You know, maybe this will end in violence. I participated in a similar party game while living in France. I and another participant were blinded, then led to a room filled with shoes. We had to find as many matched pairs as we could. I quickly decided that I could win the game not by finding matches on my own, but by stealing matches from the other player. Violence, as Cokesbury would probably say, resulted.

Now that your guests are biffed, gouged, panting and nursing fingers pinched in the folding chair, onto the next game, which encourages them – even the clumsy ones – to play with fire. Inside your house.

Birthday Candle Race. The different groups line up for a relay race; and if there are four groups, they face four tables on which has been placed lighted candles. The players, one at a time, must run to the candles with a candle in their hand which has been given them. They are to light their candle from the lighted candle and race back to the head of the line. Then they must extinguish their candle and give it to the next one in line. If the candle goes out before they get back, they must go back to the table and relight it. When one has run, then he must take his place at the back of the line.
(Go to about 4:19 of this clip for some classic Tim Conway/Don Knotts candle shenanigans.)

One more brief game mention, one that pulls us out of Cokesbury Land and into reality. One game suggests having guest, assigned numbered cards, make up dates the host shouts out. It’s staggering to remember that in 1932, many of these events are not history, but nearly current affairs. Viz:

1906 – Earthquake in San Francisco
1912 – Sinking of the Titanic
1914 – Beginning of the World War
1917 – America enters World War
1918 – End of World War
1927 – Lindbergh’s flight to Paris

Yes, the World War. It was not World War I. Just the World War, in that bygone, innocent era when the war was fought to end all wars.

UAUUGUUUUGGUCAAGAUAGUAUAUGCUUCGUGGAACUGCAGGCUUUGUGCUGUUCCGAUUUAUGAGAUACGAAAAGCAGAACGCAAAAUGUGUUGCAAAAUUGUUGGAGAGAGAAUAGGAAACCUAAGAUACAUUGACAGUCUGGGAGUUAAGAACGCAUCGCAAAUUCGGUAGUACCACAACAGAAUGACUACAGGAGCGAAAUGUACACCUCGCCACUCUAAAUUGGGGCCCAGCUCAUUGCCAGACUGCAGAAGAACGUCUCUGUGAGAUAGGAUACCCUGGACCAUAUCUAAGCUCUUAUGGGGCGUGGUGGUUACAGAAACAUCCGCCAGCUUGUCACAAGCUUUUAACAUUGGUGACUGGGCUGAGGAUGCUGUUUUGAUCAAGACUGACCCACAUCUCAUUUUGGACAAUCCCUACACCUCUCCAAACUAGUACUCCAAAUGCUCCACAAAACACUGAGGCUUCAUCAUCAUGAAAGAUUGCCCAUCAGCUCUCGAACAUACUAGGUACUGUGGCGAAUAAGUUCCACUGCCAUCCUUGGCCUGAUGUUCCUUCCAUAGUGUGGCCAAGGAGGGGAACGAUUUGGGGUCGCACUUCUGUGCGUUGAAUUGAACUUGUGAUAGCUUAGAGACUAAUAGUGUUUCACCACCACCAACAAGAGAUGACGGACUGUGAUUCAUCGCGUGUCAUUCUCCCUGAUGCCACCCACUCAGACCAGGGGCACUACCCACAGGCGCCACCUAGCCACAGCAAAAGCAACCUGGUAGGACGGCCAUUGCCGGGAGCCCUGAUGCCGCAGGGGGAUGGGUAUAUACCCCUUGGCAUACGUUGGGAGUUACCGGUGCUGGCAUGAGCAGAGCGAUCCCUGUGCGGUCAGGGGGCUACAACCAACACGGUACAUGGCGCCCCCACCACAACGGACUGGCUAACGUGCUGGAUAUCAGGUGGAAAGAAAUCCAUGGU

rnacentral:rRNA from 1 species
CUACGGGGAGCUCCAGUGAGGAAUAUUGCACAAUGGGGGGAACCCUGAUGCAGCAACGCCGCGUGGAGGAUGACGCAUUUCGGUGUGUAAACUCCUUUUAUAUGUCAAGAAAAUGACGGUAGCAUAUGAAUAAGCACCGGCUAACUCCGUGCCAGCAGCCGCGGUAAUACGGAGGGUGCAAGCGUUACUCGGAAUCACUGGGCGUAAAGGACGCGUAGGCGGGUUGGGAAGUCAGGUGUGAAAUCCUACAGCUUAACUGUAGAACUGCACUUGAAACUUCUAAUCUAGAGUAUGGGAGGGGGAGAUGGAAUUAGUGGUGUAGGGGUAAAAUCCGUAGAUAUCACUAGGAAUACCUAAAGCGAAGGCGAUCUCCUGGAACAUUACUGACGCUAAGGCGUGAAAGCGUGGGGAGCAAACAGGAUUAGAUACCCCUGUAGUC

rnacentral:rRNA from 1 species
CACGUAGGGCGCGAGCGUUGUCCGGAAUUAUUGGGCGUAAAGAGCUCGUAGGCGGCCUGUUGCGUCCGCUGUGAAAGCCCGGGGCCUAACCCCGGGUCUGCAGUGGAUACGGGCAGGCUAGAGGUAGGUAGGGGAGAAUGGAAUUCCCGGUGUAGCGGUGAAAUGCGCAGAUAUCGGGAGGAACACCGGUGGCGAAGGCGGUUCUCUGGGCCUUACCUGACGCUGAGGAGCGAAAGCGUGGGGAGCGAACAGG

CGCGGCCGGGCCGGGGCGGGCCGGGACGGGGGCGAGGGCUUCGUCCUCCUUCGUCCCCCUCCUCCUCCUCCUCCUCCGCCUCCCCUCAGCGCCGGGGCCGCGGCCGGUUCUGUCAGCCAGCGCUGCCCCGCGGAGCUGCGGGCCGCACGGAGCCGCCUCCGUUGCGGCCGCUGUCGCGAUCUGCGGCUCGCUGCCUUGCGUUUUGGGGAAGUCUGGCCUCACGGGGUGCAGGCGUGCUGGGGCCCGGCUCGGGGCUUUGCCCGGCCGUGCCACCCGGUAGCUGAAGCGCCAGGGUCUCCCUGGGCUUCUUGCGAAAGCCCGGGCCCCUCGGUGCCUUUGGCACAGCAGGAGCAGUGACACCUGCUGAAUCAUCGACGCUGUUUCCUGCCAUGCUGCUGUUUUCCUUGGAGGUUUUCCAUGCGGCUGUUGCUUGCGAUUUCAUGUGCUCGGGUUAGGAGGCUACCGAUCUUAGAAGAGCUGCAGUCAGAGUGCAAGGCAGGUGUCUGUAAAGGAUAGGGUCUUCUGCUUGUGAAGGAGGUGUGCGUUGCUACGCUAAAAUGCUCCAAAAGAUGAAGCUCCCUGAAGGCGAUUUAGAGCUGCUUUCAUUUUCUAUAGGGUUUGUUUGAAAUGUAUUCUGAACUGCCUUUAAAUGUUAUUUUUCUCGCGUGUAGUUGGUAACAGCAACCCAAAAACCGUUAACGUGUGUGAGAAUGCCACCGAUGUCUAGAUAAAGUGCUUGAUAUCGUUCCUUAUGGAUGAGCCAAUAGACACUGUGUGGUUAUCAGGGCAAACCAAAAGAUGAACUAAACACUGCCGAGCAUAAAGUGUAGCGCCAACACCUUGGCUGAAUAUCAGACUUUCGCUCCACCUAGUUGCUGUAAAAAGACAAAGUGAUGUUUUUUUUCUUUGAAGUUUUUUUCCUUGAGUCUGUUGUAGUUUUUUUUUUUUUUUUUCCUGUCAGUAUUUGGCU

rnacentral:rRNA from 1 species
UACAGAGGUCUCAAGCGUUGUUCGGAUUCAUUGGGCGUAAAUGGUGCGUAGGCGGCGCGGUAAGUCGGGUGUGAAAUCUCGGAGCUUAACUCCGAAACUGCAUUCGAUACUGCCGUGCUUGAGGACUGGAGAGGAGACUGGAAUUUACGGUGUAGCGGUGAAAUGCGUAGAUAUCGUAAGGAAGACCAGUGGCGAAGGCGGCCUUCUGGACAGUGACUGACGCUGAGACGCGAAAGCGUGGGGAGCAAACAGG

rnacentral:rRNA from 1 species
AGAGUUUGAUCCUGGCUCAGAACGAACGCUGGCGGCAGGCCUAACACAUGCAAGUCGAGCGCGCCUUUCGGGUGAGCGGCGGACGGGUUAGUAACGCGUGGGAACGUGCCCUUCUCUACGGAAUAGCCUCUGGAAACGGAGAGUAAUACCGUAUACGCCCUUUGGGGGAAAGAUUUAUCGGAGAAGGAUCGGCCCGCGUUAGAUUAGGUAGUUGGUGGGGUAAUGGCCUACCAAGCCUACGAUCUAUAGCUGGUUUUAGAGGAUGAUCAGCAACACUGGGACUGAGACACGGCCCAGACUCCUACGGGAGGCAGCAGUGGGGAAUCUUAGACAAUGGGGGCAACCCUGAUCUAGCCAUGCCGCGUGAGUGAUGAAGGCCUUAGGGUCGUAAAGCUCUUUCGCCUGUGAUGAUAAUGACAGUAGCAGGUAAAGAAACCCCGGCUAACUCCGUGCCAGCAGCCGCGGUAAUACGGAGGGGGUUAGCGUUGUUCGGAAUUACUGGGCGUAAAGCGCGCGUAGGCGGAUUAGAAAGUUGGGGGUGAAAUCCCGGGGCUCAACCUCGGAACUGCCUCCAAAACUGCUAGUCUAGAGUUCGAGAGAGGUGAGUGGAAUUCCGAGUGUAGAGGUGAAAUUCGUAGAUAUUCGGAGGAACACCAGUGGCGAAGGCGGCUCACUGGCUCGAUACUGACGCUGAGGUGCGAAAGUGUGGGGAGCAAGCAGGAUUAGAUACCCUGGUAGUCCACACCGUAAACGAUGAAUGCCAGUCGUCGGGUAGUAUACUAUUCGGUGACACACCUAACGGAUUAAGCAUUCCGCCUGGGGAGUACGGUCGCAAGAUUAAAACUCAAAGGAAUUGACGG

There are more games, of course, but this suffices for now, because it’s refreshment time:
For the observance of the birthdays of a large group, serve individual cakes with a candle on each cake. Ice cream should be served with the cake, or punch, chocolate, or coffee should be substituted. If an individual birthday is being celebrated, by all means use the proverbial birthday cake, with candles for each year of age. The honoree should cut the cake for each guest present.
Bon app├ętit.

And next week, something extra-special for the observance of Armistice Day, Nov. 11: A Cootie Party. It is not quite, but almost, what you think it is.

Tuesday, February 23, 2010

Happy Birthday!



Who better – well, aside from Guy Lombardo or Tom Jones – to sing a Happy Birthday song at your Cokesbury Birthday Party than Weird Al Yankovic?

It would be fun to get him live, of course. But since you're using this party as an excuse to celebrate everyone's birthday at once, you know you can't afford him.

May as well sing this song while you're at it. Cover all the bases, see.



You know, harking back to a previous post, i have to wonder if Jerry Colonna contributed to the Alice in Wonderland ride at Disneyland. Part of me hopes so. Whether it's true or not, I'll never look at that ride as boring again.

Monday, February 22, 2010

The Coffee Achievers

In addition to ice cream and sandwiches, one of the more popular Cokesbury Party foodstuffs is the ubiquitous cuppa joe. That got me thinking of this:



So next time you think you're hip sipping a cup of mud, just remember: Hip is extremely relative.

Sunday, February 21, 2010

Week Forty-One: Progressive Hearts Party

We like to make a big deal this day and age about viral marketing. We’re so savvy, so tuned in to the way the Plastic Fantastic Madison Avenue Scene plies us with messages to buy buy buy, we just ignore them. Or not. But when someone comes up with a clever way to advertise, such as posting little digital ad boxes all over Boston and thus inciting fears of terrorist activity, we applaud such efforts. And buy buy buy.
End result: Madison Avenue or viral, it’s all the same.

So it’s no surprise that in announcing its Progressive Hearts Party (no, this is not another political movement) that Cokesbury should seek – and win – permission from Parker Brothers, of Salem, Massachusetts, to use and promote its six-pack of Hearts Dice in its party description.

Parker Brothers of Salem, Massachusetts. That sounds awfully quaint these days. A mom-and-pop (or at least a trio of brothers) game shop. Wow. How times change.

So here’s the game, a la Cokesbury: